Muslim Neighbors: What I Learned When I Visited A Mosque

You asked, and we listened. When we recently ran a poll in the Life in the Bay Community Facebook Group, asking ‘Which religion are you most curious to learn about?’ You overwhelmingly responded with requests to learn about the Muslim faith, or ‘Islam’.

So, on a sunny Saturday, Gita, David and I set out across the San Mateo Bridge, to meet our Muslim neighbors at the Muslim Community Center of the East Bay. Zarina Kiziloglu, a board member of the MCC graciously invited us to attend the event, which included a homemade lunch, followed by a panel of speakers demystifying the faith, and most importantly, plenty of time to just chat with our Muslim neighbors.

Although I was exposed to the Catholic faith growing up, I’m more of an agnostic as an adult. This was only my second time in a Mosque, and although I have interacted with many Muslim students and families over the years, I have to admit that I was a little nervous about attending. Should I have worn a headscarf? Was this going to be an event to try to convert the general public? (As I have experienced at events I have attended for other faiths). As soon as we arrived, all of my worries were dismissed. This truly was just an opportunity to come together, to get to know each other as individuals, as humans, as neighbors, and learn.

Here is what I learned about Islam, and my Muslim friends in an afternoon:

Sharia Law

A Collection of Qur'ans - The Muslim Holy book

The Myth: In the media, Sharia Law is often referred to as strict laws taken from the Quran, which all Muslims vehemently adhere to. The media often portray Sharia Law as the reason or justification for terrorist acts carried out by ISIS or ISIL.

The Truth: In Arabic, Sharia means ‘A path to a body of water’ or more commonly ‘a path to salvation’. As the panel explained, Sharia Law is more a set of guidelines for being a good human. It sets out 5 categories: obligatory, recommended, permissible, disliked, and forbidden. Muslims are encouraged to be mindful throughout their daily life; to consider each action, and make a determination as to which category it would fit into to.

Think of Sharia like a moral chore chart…You get points for the obligatory and recommended actions you take (such as praying) and you get points deducted for taking part in forbidden activities, like drinking alcohol (although the deduction doesn’t apply to disliked activities). At the end of your life, you hope to have accrued more points than you have lost. The prize at the end is not a later bedtime or a new toy, but it is entrance into heaven.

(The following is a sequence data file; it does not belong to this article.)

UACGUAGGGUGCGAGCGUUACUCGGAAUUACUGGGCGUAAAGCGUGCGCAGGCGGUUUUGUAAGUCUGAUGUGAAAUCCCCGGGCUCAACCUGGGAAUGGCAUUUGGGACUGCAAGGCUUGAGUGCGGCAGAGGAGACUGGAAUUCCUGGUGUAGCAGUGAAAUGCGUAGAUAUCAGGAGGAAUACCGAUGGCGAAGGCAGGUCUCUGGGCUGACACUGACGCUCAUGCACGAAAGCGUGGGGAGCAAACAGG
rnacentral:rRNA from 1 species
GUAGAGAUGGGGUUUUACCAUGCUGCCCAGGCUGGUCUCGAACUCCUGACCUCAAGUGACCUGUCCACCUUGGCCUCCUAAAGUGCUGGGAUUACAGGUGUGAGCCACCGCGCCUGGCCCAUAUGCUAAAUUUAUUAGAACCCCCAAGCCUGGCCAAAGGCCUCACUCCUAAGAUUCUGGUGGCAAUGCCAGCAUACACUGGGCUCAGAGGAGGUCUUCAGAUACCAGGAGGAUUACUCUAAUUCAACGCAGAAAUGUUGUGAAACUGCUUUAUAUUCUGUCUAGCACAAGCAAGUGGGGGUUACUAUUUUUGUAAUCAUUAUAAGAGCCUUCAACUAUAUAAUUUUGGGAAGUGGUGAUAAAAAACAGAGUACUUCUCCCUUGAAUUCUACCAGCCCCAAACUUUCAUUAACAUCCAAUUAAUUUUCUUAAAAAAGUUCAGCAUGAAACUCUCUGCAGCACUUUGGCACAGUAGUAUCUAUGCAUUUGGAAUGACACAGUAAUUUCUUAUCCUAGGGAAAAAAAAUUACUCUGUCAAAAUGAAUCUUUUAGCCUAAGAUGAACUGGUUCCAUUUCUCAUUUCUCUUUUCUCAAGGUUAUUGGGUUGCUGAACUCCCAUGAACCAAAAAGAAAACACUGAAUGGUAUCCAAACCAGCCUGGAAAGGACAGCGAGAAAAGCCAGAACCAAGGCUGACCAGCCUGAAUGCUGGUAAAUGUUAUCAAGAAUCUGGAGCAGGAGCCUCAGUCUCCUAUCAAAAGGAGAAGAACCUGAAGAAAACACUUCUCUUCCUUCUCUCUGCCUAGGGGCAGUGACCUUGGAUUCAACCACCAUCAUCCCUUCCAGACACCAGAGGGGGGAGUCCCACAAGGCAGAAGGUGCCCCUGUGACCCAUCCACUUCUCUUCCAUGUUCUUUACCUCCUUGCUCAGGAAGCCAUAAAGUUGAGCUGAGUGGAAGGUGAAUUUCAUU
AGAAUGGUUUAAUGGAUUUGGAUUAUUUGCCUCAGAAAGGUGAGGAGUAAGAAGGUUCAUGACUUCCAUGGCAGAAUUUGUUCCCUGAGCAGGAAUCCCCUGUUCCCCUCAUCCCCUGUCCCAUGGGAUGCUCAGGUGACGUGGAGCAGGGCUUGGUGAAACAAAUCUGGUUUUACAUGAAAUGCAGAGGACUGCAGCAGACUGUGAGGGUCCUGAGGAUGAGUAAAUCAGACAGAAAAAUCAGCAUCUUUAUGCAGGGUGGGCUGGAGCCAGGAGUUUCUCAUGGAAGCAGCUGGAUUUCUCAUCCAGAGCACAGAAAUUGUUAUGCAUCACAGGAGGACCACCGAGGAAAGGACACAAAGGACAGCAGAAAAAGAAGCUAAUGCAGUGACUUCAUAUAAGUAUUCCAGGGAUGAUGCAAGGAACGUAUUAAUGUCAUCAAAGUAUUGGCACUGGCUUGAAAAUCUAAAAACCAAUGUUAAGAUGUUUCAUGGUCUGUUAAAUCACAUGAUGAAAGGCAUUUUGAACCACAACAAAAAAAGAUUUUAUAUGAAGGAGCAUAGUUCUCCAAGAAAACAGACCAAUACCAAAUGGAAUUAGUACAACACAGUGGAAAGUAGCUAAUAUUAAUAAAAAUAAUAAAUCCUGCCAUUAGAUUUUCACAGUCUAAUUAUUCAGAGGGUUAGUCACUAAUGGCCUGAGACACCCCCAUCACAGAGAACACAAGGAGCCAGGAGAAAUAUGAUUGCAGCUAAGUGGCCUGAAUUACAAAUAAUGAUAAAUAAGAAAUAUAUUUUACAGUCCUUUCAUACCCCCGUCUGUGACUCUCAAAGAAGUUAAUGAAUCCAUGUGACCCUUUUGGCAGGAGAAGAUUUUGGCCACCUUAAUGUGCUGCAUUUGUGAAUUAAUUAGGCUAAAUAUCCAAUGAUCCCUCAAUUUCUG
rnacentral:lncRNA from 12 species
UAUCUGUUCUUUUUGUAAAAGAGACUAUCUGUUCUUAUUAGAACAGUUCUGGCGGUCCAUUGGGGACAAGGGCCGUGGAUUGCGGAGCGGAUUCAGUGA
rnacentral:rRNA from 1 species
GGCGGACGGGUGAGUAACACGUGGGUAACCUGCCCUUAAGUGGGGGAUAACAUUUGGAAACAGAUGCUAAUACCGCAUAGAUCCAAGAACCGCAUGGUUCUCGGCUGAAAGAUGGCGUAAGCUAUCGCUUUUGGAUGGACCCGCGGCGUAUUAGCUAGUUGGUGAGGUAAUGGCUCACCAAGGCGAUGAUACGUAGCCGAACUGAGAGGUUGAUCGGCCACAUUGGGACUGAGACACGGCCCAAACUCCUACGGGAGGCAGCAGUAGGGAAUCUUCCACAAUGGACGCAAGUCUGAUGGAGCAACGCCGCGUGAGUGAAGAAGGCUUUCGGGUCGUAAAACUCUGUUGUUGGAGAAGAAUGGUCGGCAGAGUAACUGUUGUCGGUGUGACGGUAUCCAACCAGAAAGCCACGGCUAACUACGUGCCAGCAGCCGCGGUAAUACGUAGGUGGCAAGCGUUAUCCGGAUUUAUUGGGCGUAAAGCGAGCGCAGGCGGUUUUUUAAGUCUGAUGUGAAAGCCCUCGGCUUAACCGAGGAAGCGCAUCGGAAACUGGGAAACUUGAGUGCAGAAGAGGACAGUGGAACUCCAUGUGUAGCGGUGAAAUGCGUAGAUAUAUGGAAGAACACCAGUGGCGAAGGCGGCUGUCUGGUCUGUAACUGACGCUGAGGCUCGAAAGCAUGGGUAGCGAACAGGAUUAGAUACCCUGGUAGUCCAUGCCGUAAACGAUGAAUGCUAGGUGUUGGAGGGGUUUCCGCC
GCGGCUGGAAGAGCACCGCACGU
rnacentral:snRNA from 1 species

5 Pillars of Islam

These are the 5 things that Muslims must do to be a part of the Islamic faith

  • Faith: in order to become a Muslim, a person must recite “There is no god but God (and) Muhammad is the messenger of God.” This is called ‘shahada’ and typically recited in Arabic, regardless of the first language of the person.
  • Prayer: Muslims have an obligation to pray 5 times a day, always facing Mecca. Before prayers, the person must perform ablution (Wudu) that aims to purify oneself from impurities. Prayers are also recited in Arabic. The position of the body during prayer is also important. As Catholics often kneel for prayer, Muslim pray on hands and knees.
  • Fasting: To encourage mindfulness and repent for sin, Ramadan is observed during the ninth month of the Islamic calendar. Muslims fast between sunrise and sunset, consuming only water during the day.  In 2017 Ramadan will take place from Friday 25 May – Sunday 25 June. The end of Ramadan is marked by Eid al-Fitr. Eid includes a feast and represents a time of celebration, a time for family and friends to come together and celebrate their faith.
  • Charity: ‘Zakat’ is required for all Muslims, and is the encouragement of giving to those in greater need than yourself. If you have surplus income, 2.5% shall be designated as Zakat. If you are not monetarily wealthy, you can ‘pay’ charity by performing good deeds.